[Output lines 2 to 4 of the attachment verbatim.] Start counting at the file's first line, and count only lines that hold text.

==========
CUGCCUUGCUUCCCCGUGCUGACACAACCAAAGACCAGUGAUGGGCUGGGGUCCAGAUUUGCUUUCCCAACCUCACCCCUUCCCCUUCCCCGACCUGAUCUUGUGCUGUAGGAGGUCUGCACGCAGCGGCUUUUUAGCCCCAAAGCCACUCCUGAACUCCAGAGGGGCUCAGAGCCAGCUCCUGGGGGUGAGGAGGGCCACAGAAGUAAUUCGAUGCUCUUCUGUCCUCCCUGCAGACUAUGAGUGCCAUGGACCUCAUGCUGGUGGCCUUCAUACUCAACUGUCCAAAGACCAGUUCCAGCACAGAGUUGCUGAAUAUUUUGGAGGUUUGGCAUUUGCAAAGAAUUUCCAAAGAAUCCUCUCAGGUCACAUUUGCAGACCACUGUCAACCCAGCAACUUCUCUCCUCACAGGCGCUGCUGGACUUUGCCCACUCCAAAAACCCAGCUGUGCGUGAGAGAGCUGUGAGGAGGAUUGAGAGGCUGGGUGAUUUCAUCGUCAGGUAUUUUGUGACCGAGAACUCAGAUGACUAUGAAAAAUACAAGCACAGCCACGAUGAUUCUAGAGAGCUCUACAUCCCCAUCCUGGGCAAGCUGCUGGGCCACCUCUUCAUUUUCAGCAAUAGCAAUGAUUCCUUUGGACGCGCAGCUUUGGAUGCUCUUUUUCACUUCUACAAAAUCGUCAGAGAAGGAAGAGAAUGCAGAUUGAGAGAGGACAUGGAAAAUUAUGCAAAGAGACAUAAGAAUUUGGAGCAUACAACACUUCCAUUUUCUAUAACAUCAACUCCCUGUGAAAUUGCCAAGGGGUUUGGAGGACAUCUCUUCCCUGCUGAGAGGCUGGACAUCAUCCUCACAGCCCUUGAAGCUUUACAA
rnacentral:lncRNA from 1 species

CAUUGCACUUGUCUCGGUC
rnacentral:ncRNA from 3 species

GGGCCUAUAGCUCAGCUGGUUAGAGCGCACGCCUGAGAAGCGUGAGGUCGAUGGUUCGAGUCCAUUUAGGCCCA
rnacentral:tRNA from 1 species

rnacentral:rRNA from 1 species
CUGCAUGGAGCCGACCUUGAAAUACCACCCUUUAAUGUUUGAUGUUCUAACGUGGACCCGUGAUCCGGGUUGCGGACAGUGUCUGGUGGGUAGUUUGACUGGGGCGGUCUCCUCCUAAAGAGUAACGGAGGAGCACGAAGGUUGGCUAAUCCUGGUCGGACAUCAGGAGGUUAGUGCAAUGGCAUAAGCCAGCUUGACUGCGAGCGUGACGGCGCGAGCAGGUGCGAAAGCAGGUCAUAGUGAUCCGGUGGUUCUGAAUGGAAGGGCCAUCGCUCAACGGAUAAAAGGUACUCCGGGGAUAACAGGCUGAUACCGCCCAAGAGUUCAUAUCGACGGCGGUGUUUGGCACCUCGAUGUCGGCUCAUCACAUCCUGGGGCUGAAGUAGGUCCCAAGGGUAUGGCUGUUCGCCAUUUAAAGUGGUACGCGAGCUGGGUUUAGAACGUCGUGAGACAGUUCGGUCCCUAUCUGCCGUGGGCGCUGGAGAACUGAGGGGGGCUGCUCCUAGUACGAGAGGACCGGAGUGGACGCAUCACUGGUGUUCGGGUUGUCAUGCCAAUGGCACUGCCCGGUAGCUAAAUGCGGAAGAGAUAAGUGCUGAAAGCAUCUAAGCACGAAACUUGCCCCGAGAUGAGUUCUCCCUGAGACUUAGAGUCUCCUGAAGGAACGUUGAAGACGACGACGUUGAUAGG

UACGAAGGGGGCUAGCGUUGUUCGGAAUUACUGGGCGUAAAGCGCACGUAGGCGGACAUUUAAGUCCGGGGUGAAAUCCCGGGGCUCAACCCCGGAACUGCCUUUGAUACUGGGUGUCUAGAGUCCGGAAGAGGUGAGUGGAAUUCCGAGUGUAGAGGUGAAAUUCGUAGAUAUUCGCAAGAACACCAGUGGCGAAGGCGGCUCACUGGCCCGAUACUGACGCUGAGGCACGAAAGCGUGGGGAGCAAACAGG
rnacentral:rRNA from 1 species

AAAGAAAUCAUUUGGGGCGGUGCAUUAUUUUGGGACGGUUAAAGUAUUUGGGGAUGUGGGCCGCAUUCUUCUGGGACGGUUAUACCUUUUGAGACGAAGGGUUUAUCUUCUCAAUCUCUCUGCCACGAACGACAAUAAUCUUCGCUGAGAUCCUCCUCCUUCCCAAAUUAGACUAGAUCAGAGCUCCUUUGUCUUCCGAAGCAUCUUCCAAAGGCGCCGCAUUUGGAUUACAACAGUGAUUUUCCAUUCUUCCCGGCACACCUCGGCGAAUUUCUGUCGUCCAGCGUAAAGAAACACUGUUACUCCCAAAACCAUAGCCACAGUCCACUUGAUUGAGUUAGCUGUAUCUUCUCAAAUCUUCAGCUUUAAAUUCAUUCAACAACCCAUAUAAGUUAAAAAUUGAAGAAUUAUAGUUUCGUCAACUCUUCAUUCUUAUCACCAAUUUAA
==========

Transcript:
rnacentral:lncRNA from 1 species

CAUUGCACUUGUCUCGGUC
rnacentral:ncRNA from 3 species